It becomes clear, over the course of the play, that two of the team members, Tony and Isobel, have conspired to ensure that Thomas, the member of the team they feel is their inferior, will be chosen for termination. They have withheld vital information from him and have whispered and schemed in the corridors of power to ensure their own survival. Not content with that, they work assiduously, in the minutes leading up to the arrival of their boss, Carter, to humiliate, disorient and destabilise Thomas.

Like two sleek black panthers tearing at a disabled goat, Tony and Isobel play with Thomas, their eyes gleaming with malice, their perfect teeth flashing behind rictus grins, their trim, taut and terrifically honed and dressed bodies lithe, flexing, ready for a death rattle. They are the personification of amoral self-serving Dementors: happy to suck the life from Thomas to achieve their ends.

Carter, the boss whose decision will seal the fate of one of the trilogy, is an arrogant and indifferent supremo. He enters the killing field much like a rogue lion, indifferent about what the panthers are doing, at first, but then, through laziness or because he can’t be bothered to care, takes the simplest course, and delivers the coup de grâce. This is very much the modern corporate jungle, where peacocks and baboons can masquerade as effective panthers, a dumb ox can pass for a raging bull, and the hard-working boar will always be for the slaughter.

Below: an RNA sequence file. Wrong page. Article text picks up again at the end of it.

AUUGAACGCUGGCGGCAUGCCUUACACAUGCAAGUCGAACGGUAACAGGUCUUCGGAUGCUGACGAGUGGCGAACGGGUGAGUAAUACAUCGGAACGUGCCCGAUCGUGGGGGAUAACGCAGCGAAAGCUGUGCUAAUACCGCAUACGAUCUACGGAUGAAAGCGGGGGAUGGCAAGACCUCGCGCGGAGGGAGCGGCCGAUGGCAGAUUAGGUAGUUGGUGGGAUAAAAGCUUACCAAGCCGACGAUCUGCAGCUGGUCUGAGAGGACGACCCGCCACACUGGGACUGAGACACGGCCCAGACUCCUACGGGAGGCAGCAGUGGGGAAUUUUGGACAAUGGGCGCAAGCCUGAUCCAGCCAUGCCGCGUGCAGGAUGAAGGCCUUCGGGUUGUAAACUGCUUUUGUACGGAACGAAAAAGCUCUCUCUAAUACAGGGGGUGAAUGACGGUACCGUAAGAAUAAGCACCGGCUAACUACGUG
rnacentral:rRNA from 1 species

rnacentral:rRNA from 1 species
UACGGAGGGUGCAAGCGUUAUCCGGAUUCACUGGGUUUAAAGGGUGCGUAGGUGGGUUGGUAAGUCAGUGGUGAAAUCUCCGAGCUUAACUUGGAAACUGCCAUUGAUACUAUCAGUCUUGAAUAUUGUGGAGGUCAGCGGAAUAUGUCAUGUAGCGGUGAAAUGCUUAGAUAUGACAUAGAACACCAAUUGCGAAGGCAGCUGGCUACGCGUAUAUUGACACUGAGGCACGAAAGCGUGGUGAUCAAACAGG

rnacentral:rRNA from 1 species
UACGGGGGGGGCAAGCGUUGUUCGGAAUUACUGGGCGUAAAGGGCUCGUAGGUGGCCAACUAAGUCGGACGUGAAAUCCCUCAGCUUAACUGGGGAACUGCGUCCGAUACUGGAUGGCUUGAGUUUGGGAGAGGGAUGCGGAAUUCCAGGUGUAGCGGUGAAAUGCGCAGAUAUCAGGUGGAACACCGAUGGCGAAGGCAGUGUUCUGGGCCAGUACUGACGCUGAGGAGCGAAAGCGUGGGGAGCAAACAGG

What Bartlett achieves in a dazzling fifty-five or so minutes of verbal volleyball is quite remarkable. The language is crisp, lucid, and smart reeking of contemporaneity. Tony and Isobel speak in phrases stewed in acid. Everyone knows people who talk like Tony and Isobel or worse, want to be people like Tony or Isobel. These are the children of the Greed is Good generation and they grew up believing in a sausage-factory world where everyone was as shiny and perfectly formed as their Armani shoes, where conformity means supremacy, where individuality and emotions are despised, where betrayal and disloyalty is a badge of honour and where sex, money and prestige substitute for love, honour and decency.